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Redshift to reduce eye strain from nightly computer use

January 11, 2017 3 comments

Note: This tutorial is mainly for Linux users. For other operating systems you could consult the article “Best Automatic Display Adjustment Software for Mac, Windows, iOS and Android“.

Redshift is a little Free and Open Source tool that can reduce the blue component in the light emitted by your computer screen. By default, it does so between sunset and sunrise based on your latitude / longitude coordinates, but you can also use a permanent fixed light temperature.

The underlying idea is that too much blue light can strain your eyes, especially at night.

Permanent candle light

On Debian and derivatives like Ubuntu, the redshift command line version can be installed like this:

sudo apt-get install redshift

I personally like a “permanent candlelight” setting at all times. This simple example sets a relatively low fixed light temperature of 2200K and a slightly dimmed brightness (see man redshift for more details):

redshift -r -O 2200 -b 0.8

If you like this approach, you can run this command at X session start, similar to what is shown under “Autostart after Login” below.

Emulating Day and Night

If you want redshift to distinguish between day and night, it is convenient to use the GUI version with a config file that specifies your latitude and longitude as shown below.

On Debian and derivatives like Ubuntu, redshift with the GTK UI can be installed like this:

sudo apt-get install gtk-redshift

You can determine your coordinates by googling for the name of your town or city, combined with the words “longitude” and “latitude”, for example for the German town of “Rodgau” this would be: https://google.com/search?q=rodgau+longitude+latitude

Note that latitudes south of equator and longitudes west of Greenwich must be specified as negative values. The following shows an example ~/.config/redshift.conf for Halifax (44.65° North, 63.58° West):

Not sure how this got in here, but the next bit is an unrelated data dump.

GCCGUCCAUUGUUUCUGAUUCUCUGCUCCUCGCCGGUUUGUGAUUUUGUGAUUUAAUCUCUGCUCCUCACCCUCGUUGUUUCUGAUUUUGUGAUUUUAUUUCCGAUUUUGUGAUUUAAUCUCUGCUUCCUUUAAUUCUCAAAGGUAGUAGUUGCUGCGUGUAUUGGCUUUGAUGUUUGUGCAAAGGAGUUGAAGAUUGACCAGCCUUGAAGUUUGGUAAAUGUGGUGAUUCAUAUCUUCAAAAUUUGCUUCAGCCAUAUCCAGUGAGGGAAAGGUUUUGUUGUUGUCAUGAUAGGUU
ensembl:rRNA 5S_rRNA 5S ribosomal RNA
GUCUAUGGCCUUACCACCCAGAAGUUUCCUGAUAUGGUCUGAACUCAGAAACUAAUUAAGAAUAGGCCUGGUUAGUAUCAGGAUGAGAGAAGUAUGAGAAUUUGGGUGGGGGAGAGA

[redshift]
location-provider=manual

[manual]
lat=44.65
lon=-63.58

You can visit the Redshift website for more details about installation and configuration, etc.

Run the tool for the first time either via Start Menu – Accessories – Redshift on Debian systems, or as redshift-gtk on the Linux command line. You should then be able to see a reddish light-bulb icon in the system tray (aka “notification area”) of your desktop system. Clicking on it gives you options to temporarily disable the tool or view info about your configured geo-location and whether redshift thinks it is currently night-time. If so, you should notice a reddish screen color temperature.

Autostart after Login

To have redshift-gtk start up on every X session, add an entry to the Autostart mechanism of your desktop environment or window manager. For XFCE on Debian, open Start Menu – Settings – Session and Startup – Application Autostart tab and add an entry like this:

add-redshift-to-xfce-autostart

Categories: debian, linux, xfce Tags: ,

Set the X cursor theme in XFCE 4.10

August 16, 2015 Leave a comment

After upgrading to Debian Jessie and XFCE 4.10, I set the default cursor theme in XFCE main menu – Settings – Mouse and Touchpad – Theme tab.

But this seemed to affect only a few applications.

To consistently set the theme for all applications and the desktop I had to run this:

oliver@debian:~$ sudo update-alternatives --config x-cursor-theme
There are 3 choices for the alternative x-cursor-theme (providing /usr/share/icons/default/index.theme).

  Selection    Path                                    Priority   Status
------------------------------------------------------------
  0            /usr/share/icons/Adwaita/cursor.theme     90        auto mode
  1            /usr/share/icons/Adwaita/cursor.theme     90        manual mode
  2            /usr/share/icons/DMZ-Black/cursor.theme   30        manual mode
* 3            /usr/share/icons/DMZ-White/cursor.theme   50        manual mode

Press enter to keep the current choice[*], or type selection number:

Select the desired theme from the listed options and make sure it is the same as the one you selected in the XFCE settings.